Economic Snapshot: Canada

Howdy, forex buddies! The Loonie has been tracking oil’s price action for the most part, especially after OPEC revealed its plans to cut oil production. But if you’re wondering how the Canadian economy is faring lately, then this economic snapshot is for you.

Note: As with all of my other Economic Snapshots, there are nifty tables at the bottom, so you can skip to those if you’re a forex trader who’s in a hurry. The bullet points provided highlight the underlying details and trends that give the numbers their proper context, however.

Growth

  • Canada’s GDP contracted by 0.40% quarter-on-quarter in Q2 2016 after posting a 0.62% expansion in Q1.
  • This is the first contraction in four quarters.
  • Moreover, the current reading is also the poorest quarterly reading since Q2 2009.
  • But as I noted in last month’s economic snapshot, the BOC has been warning about the possibility of a negative reading because of the Alberta wildfires, so the economic contraction is widely expected.
  • On an annual basis, Canada’s Q2 GDP grew by 0.88%, slowing from the previous quarter’s 1.16% rate of expansion.
  • Looking at the details of the GDP report, the quarter-on-quarter reading became negative primarily because of the 2.9% contraction in industrial production (+0.6% previous).
  • The downturn in industrial output, in turn, was due mainly to the 6.7% slump in mining and oil and gas extraction (+0.3% previous), as well as the 1.2% drop in manufacturing output (+0.7% previous).
  • Using the expenditure approach, the main drags to the quarterly reading were the 0.12% slide in gross fixed capital formation (-0.11% previous) and the 4.45% slump in exports (+1.94% previous).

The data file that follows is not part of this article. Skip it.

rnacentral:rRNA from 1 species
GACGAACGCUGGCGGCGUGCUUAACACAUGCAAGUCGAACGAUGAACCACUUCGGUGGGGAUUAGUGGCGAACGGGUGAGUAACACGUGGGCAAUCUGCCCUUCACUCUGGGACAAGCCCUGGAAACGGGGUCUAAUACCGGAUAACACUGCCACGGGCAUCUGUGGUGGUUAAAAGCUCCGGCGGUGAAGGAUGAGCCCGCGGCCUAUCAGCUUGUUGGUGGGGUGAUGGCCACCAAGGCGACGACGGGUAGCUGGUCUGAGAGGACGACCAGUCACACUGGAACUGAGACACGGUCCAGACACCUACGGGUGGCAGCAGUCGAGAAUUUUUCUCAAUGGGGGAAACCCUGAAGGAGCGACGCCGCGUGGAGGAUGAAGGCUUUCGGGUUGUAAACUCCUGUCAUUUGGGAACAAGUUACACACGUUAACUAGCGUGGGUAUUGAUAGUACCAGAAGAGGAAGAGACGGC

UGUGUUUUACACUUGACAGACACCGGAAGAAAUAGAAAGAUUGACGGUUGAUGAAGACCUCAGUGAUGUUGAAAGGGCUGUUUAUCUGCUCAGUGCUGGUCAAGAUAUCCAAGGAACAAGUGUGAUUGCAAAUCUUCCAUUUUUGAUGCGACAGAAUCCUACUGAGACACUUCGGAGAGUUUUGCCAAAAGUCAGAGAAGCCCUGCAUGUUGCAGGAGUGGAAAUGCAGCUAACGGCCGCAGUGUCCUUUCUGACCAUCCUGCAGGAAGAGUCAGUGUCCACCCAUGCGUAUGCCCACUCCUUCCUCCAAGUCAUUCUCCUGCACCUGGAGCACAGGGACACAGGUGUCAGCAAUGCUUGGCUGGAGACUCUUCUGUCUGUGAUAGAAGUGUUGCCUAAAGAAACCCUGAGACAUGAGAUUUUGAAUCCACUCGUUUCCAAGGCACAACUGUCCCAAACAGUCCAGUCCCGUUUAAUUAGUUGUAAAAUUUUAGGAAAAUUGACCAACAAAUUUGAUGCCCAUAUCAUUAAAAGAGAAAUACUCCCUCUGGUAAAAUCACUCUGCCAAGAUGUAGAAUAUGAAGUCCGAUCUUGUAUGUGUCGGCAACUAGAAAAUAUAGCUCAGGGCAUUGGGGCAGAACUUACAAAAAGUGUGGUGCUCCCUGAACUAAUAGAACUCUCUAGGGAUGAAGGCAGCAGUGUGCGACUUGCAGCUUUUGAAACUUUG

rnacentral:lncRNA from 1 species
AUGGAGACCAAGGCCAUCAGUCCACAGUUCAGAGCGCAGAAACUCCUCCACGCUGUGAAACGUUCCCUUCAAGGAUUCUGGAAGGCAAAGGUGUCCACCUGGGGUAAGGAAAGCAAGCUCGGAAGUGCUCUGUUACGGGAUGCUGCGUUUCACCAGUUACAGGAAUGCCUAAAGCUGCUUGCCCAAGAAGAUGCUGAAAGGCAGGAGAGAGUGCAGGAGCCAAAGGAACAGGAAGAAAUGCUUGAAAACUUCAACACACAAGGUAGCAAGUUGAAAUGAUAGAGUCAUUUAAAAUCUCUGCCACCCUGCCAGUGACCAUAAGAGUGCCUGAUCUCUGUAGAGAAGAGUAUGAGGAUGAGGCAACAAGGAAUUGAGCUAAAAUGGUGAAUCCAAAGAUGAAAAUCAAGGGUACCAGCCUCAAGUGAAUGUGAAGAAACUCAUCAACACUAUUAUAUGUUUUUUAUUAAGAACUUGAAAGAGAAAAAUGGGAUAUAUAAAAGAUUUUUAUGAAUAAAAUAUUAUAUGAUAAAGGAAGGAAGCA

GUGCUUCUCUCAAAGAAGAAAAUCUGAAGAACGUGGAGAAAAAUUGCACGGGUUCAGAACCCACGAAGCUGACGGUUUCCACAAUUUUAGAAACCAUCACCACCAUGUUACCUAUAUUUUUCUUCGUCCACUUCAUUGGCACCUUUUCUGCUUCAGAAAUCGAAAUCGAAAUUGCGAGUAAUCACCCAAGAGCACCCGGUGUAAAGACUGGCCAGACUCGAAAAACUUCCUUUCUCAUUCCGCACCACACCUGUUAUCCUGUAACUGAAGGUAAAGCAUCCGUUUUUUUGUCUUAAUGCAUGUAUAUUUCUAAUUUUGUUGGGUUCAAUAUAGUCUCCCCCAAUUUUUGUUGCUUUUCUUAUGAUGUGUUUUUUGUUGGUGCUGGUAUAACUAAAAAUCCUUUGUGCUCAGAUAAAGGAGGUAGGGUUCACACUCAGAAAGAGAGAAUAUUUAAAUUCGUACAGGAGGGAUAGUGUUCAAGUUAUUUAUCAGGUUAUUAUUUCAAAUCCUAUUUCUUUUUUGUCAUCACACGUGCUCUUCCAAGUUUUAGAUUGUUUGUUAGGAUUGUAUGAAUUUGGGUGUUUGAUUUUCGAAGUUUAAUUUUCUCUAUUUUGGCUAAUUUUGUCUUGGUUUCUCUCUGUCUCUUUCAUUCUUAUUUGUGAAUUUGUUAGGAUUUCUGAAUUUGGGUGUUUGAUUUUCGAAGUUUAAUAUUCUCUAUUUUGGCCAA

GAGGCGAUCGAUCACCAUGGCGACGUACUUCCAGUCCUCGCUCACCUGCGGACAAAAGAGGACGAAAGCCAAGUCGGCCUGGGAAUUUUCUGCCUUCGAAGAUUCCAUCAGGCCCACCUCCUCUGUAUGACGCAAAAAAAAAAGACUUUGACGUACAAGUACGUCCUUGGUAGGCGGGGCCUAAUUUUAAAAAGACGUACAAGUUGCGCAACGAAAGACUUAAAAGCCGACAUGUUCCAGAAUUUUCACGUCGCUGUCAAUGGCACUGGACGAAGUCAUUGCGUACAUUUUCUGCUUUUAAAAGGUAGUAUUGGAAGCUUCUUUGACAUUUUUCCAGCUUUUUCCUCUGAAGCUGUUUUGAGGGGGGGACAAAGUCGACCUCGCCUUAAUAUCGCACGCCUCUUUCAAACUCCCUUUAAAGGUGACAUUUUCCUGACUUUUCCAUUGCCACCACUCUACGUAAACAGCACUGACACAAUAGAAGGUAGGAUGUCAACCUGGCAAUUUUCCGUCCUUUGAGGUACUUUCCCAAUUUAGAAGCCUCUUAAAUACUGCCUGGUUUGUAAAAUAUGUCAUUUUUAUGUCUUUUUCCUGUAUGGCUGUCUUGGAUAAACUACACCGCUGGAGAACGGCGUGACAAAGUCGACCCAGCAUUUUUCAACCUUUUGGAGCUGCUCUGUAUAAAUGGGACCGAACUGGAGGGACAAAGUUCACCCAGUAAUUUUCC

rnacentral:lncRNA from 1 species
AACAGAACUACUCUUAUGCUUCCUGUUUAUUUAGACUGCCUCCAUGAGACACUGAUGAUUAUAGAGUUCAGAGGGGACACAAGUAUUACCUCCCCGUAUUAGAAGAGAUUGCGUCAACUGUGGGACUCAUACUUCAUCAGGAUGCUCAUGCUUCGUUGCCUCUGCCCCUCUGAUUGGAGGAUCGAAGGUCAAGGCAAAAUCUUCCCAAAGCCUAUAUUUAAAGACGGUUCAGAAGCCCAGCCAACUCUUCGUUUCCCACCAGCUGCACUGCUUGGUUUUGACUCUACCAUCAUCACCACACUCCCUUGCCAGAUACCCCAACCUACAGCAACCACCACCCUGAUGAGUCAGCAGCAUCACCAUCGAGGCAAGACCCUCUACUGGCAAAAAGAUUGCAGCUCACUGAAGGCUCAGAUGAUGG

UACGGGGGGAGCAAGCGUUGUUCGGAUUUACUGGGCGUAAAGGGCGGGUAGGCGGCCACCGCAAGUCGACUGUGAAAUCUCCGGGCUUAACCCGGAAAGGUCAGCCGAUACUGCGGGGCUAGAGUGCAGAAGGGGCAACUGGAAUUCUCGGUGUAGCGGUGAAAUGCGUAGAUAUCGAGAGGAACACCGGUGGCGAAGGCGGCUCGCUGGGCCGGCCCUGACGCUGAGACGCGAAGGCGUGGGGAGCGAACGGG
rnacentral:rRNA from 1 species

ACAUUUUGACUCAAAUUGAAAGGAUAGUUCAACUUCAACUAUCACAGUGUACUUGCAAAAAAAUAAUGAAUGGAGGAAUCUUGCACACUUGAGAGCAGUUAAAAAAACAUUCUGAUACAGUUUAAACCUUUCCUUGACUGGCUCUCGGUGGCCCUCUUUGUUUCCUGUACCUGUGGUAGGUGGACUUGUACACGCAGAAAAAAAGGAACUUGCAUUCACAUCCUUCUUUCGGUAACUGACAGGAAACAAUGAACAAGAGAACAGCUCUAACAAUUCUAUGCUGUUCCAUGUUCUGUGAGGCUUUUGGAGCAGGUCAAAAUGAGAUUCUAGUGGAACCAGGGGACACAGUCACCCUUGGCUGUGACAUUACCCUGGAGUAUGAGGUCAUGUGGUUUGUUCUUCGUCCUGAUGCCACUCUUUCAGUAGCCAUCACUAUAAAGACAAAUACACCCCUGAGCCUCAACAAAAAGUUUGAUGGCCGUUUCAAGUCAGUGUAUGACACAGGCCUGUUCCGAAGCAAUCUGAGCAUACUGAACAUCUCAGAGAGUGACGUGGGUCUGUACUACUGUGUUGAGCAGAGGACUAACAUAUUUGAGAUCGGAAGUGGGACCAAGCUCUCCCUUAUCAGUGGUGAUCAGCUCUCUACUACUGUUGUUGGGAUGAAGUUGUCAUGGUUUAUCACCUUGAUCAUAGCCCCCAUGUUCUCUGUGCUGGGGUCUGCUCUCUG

• Gross fixed capital formation (net investment) has been in negative territory for six consecutive months as of Q2 2016.
  • The fall in gross fixed capital formation has been due mainly to declining investment on non-residential structures and industrial machinery and equipment.
  • For the weaker year-on-year reading, that was due to the 4.92% drop in exports, which is a harder drop compared to the previous 0.85% slide.
  • On a more upbeat note, Canada’s GDP grew by 0.5% month-on-month in July.
  • This is better than the +0.3% consensus, and is a sign that Q3 GDP started on a strong footing.

Employment

  • The Canadian economy generated 26.2K jobs in August after shedding 31.2K jobs previously.
  • This is the best reading in five months.
  • Looking at the details of the jobs report, the net increase in employment was due to the 52.2K increase in full-time jobs, which was partially offset by the loss of 26.0K part-time jobs.
  • The increase in full-time jobs is great because full-time jobs generally offer better pay and security.
  • However, what’s not so great is that the 52.2K increase in full-time jobs in August is still not enough to cancel out the loss of 71.4K full-time jobs back in July.
  • Moving on, Canada’s jobless rate ticked higher from 6.9% to a four-month high of 7.0%, despite the net increase in jobs.
  • Canada’s jobless rate has been increasing for two straight months running as of August.
  • The uptick in the jobless in August was due to the labor force participation rate also ticking higher from 65.4%, a low not seen since November 1999, to 65.5%.
  • At the same time, the number of unemployed people increased from 1,345K to 1,361K.